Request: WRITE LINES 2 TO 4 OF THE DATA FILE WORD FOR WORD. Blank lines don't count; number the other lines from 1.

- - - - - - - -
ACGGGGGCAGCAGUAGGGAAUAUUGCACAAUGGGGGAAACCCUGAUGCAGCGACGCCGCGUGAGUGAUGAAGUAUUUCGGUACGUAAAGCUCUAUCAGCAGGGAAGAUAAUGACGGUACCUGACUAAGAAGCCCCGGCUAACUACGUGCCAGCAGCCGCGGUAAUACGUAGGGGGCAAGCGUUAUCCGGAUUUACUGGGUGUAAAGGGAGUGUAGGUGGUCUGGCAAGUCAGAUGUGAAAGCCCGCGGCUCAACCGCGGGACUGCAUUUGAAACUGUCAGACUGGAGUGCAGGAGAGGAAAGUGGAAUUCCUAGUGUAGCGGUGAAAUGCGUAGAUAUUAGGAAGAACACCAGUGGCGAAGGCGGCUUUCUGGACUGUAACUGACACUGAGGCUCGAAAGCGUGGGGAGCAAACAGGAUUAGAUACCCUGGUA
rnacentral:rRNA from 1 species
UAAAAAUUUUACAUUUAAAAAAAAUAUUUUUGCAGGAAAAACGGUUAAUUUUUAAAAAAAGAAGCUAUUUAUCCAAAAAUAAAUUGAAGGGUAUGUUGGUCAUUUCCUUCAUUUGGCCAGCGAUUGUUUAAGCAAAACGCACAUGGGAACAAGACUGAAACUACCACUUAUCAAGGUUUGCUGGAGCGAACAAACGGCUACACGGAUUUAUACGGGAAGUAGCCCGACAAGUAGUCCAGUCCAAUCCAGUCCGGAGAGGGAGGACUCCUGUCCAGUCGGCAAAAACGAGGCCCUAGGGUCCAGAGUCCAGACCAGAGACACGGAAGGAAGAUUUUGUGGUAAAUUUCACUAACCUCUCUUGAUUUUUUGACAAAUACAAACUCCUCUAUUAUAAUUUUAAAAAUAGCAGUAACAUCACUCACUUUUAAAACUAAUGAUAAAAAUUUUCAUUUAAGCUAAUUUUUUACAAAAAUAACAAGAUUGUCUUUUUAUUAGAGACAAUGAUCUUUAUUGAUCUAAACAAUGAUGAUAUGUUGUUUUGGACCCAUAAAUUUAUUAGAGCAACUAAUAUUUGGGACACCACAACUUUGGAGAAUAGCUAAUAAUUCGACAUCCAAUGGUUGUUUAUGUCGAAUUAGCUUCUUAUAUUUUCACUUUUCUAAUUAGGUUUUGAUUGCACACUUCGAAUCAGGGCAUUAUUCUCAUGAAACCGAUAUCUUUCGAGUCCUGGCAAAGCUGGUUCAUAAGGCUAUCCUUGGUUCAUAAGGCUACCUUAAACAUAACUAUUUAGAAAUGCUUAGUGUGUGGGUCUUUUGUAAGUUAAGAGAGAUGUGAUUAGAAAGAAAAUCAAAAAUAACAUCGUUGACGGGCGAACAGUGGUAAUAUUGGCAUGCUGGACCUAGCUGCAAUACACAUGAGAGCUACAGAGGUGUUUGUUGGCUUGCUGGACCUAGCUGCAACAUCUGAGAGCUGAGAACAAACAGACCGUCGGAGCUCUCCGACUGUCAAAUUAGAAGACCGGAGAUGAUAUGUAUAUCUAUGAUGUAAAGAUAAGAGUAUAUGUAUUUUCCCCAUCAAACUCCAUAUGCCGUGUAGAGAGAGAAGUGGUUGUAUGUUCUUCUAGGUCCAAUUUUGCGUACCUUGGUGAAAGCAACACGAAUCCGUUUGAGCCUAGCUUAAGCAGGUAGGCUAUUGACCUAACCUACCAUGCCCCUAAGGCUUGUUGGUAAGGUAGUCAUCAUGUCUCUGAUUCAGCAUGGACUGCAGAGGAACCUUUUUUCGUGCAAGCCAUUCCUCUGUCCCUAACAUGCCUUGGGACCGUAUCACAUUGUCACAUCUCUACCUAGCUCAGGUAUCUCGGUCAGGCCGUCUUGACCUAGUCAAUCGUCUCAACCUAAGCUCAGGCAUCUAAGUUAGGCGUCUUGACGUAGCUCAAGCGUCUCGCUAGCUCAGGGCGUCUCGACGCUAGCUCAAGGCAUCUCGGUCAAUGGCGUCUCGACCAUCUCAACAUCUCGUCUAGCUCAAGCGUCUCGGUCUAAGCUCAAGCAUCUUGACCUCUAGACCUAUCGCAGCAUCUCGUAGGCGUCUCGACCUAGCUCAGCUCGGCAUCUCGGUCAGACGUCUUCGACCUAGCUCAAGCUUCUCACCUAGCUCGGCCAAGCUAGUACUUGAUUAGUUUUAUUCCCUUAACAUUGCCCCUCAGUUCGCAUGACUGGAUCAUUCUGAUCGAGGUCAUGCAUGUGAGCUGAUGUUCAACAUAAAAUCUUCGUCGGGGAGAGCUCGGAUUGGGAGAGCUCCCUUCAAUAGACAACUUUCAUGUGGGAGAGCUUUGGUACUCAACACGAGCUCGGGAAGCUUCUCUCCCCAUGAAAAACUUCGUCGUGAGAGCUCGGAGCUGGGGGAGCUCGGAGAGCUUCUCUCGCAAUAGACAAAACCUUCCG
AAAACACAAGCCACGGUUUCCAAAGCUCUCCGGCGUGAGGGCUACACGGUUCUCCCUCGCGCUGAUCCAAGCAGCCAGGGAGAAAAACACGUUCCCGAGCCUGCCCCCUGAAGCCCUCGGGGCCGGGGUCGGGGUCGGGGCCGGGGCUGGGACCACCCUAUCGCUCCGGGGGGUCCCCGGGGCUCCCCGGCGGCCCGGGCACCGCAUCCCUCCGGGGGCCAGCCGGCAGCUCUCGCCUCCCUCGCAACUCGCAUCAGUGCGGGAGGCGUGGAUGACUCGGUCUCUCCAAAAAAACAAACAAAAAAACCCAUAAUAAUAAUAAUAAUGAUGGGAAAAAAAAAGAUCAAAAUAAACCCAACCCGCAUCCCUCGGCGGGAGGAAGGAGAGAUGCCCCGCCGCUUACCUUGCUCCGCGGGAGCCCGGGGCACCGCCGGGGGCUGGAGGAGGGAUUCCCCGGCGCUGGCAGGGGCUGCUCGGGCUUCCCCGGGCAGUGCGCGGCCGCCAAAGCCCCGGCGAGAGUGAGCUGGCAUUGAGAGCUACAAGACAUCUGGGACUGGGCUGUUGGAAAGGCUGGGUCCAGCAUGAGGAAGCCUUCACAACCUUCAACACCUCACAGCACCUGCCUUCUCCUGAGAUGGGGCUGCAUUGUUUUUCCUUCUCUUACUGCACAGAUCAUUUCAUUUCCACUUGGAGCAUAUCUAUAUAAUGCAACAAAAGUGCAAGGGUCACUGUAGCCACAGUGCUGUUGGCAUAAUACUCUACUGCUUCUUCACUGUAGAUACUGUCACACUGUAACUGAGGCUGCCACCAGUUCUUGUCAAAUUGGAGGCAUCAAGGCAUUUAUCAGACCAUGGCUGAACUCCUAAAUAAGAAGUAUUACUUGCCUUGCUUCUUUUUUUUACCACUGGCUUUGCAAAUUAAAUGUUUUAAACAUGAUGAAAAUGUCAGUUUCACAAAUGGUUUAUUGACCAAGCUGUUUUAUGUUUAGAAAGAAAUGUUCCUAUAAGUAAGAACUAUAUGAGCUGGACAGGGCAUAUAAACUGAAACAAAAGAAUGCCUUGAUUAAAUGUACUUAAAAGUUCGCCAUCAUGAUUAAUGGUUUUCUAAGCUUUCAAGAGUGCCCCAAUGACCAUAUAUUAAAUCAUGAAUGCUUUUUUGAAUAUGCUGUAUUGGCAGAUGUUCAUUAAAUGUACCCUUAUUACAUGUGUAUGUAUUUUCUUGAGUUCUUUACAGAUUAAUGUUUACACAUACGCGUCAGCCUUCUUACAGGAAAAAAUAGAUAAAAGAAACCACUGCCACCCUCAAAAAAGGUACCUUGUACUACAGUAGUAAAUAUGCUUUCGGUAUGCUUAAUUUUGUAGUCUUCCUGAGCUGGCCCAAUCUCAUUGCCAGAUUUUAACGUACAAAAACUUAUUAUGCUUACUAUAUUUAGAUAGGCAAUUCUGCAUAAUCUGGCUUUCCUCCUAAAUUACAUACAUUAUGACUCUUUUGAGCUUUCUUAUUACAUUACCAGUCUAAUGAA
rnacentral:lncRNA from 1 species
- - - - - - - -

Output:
rnacentral:rRNA from 1 species
UAAAAAUUUUACAUUUAAAAAAAAUAUUUUUGCAGGAAAAACGGUUAAUUUUUAAAAAAAGAAGCUAUUUAUCCAAAAAUAAAUUGAAGGGUAUGUUGGUCAUUUCCUUCAUUUGGCCAGCGAUUGUUUAAGCAAAACGCACAUGGGAACAAGACUGAAACUACCACUUAUCAAGGUUUGCUGGAGCGAACAAACGGCUACACGGAUUUAUACGGGAAGUAGCCCGACAAGUAGUCCAGUCCAAUCCAGUCCGGAGAGGGAGGACUCCUGUCCAGUCGGCAAAAACGAGGCCCUAGGGUCCAGAGUCCAGACCAGAGACACGGAAGGAAGAUUUUGUGGUAAAUUUCACUAACCUCUCUUGAUUUUUUGACAAAUACAAACUCCUCUAUUAUAAUUUUAAAAAUAGCAGUAACAUCACUCACUUUUAAAACUAAUGAUAAAAAUUUUCAUUUAAGCUAAUUUUUUACAAAAAUAACAAGAUUGUCUUUUUAUUAGAGACAAUGAUCUUUAUUGAUCUAAACAAUGAUGAUAUGUUGUUUUGGACCCAUAAAUUUAUUAGAGCAACUAAUAUUUGGGACACCACAACUUUGGAGAAUAGCUAAUAAUUCGACAUCCAAUGGUUGUUUAUGUCGAAUUAGCUUCUUAUAUUUUCACUUUUCUAAUUAGGUUUUGAUUGCACACUUCGAAUCAGGGCAUUAUUCUCAUGAAACCGAUAUCUUUCGAGUCCUGGCAAAGCUGGUUCAUAAGGCUAUCCUUGGUUCAUAAGGCUACCUUAAACAUAACUAUUUAGAAAUGCUUAGUGUGUGGGUCUUUUGUAAGUUAAGAGAGAUGUGAUUAGAAAGAAAAUCAAAAAUAACAUCGUUGACGGGCGAACAGUGGUAAUAUUGGCAUGCUGGACCUAGCUGCAAUACACAUGAGAGCUACAGAGGUGUUUGUUGGCUUGCUGGACCUAGCUGCAACAUCUGAGAGCUGAGAACAAACAGACCGUCGGAGCUCUCCGACUGUCAAAUUAGAAGACCGGAGAUGAUAUGUAUAUCUAUGAUGUAAAGAUAAGAGUAUAUGUAUUUUCCCCAUCAAACUCCAUAUGCCGUGUAGAGAGAGAAGUGGUUGUAUGUUCUUCUAGGUCCAAUUUUGCGUACCUUGGUGAAAGCAACACGAAUCCGUUUGAGCCUAGCUUAAGCAGGUAGGCUAUUGACCUAACCUACCAUGCCCCUAAGGCUUGUUGGUAAGGUAGUCAUCAUGUCUCUGAUUCAGCAUGGACUGCAGAGGAACCUUUUUUCGUGCAAGCCAUUCCUCUGUCCCUAACAUGCCUUGGGACCGUAUCACAUUGUCACAUCUCUACCUAGCUCAGGUAUCUCGGUCAGGCCGUCUUGACCUAGUCAAUCGUCUCAACCUAAGCUCAGGCAUCUAAGUUAGGCGUCUUGACGUAGCUCAAGCGUCUCGCUAGCUCAGGGCGUCUCGACGCUAGCUCAAGGCAUCUCGGUCAAUGGCGUCUCGACCAUCUCAACAUCUCGUCUAGCUCAAGCGUCUCGGUCUAAGCUCAAGCAUCUUGACCUCUAGACCUAUCGCAGCAUCUCGUAGGCGUCUCGACCUAGCUCAGCUCGGCAUCUCGGUCAGACGUCUUCGACCUAGCUCAAGCUUCUCACCUAGCUCGGCCAAGCUAGUACUUGAUUAGUUUUAUUCCCUUAACAUUGCCCCUCAGUUCGCAUGACUGGAUCAUUCUGAUCGAGGUCAUGCAUGUGAGCUGAUGUUCAACAUAAAAUCUUCGUCGGGGAGAGCUCGGAUUGGGAGAGCUCCCUUCAAUAGACAACUUUCAUGUGGGAGAGCUUUGGUACUCAACACGAGCUCGGGAAGCUUCUCUCCCCAUGAAAAACUUCGUCGUGAGAGCUCGGAGCUGGGGGAGCUCGGAGAGCUUCUCUCGCAAUAGACAAAACCUUCCG
AAAACACAAGCCACGGUUUCCAAAGCUCUCCGGCGUGAGGGCUACACGGUUCUCCCUCGCGCUGAUCCAAGCAGCCAGGGAGAAAAACACGUUCCCGAGCCUGCCCCCUGAAGCCCUCGGGGCCGGGGUCGGGGUCGGGGCCGGGGCUGGGACCACCCUAUCGCUCCGGGGGGUCCCCGGGGCUCCCCGGCGGCCCGGGCACCGCAUCCCUCCGGGGGCCAGCCGGCAGCUCUCGCCUCCCUCGCAACUCGCAUCAGUGCGGGAGGCGUGGAUGACUCGGUCUCUCCAAAAAAACAAACAAAAAAACCCAUAAUAAUAAUAAUAAUGAUGGGAAAAAAAAAGAUCAAAAUAAACCCAACCCGCAUCCCUCGGCGGGAGGAAGGAGAGAUGCCCCGCCGCUUACCUUGCUCCGCGGGAGCCCGGGGCACCGCCGGGGGCUGGAGGAGGGAUUCCCCGGCGCUGGCAGGGGCUGCUCGGGCUUCCCCGGGCAGUGCGCGGCCGCCAAAGCCCCGGCGAGAGUGAGCUGGCAUUGAGAGCUACAAGACAUCUGGGACUGGGCUGUUGGAAAGGCUGGGUCCAGCAUGAGGAAGCCUUCACAACCUUCAACACCUCACAGCACCUGCCUUCUCCUGAGAUGGGGCUGCAUUGUUUUUCCUUCUCUUACUGCACAGAUCAUUUCAUUUCCACUUGGAGCAUAUCUAUAUAAUGCAACAAAAGUGCAAGGGUCACUGUAGCCACAGUGCUGUUGGCAUAAUACUCUACUGCUUCUUCACUGUAGAUACUGUCACACUGUAACUGAGGCUGCCACCAGUUCUUGUCAAAUUGGAGGCAUCAAGGCAUUUAUCAGACCAUGGCUGAACUCCUAAAUAAGAAGUAUUACUUGCCUUGCUUCUUUUUUUUACCACUGGCUUUGCAAAUUAAAUGUUUUAAACAUGAUGAAAAUGUCAGUUUCACAAAUGGUUUAUUGACCAAGCUGUUUUAUGUUUAGAAAGAAAUGUUCCUAUAAGUAAGAACUAUAUGAGCUGGACAGGGCAUAUAAACUGAAACAAAAGAAUGCCUUGAUUAAAUGUACUUAAAAGUUCGCCAUCAUGAUUAAUGGUUUUCUAAGCUUUCAAGAGUGCCCCAAUGACCAUAUAUUAAAUCAUGAAUGCUUUUUUGAAUAUGCUGUAUUGGCAGAUGUUCAUUAAAUGUACCCUUAUUACAUGUGUAUGUAUUUUCUUGAGUUCUUUACAGAUUAAUGUUUACACAUACGCGUCAGCCUUCUUACAGGAAAAAAUAGAUAAAAGAAACCACUGCCACCCUCAAAAAAGGUACCUUGUACUACAGUAGUAAAUAUGCUUUCGGUAUGCUUAAUUUUGUAGUCUUCCUGAGCUGGCCCAAUCUCAUUGCCAGAUUUUAACGUACAAAAACUUAUUAUGCUUACUAUAUUUAGAUAGGCAAUUCUGCAUAAUCUGGCUUUCCUCCUAAAUUACAUACAUUAUGACUCUUUUGAGCUUUCUUAUUACAUUACCAGUCUAAUGAA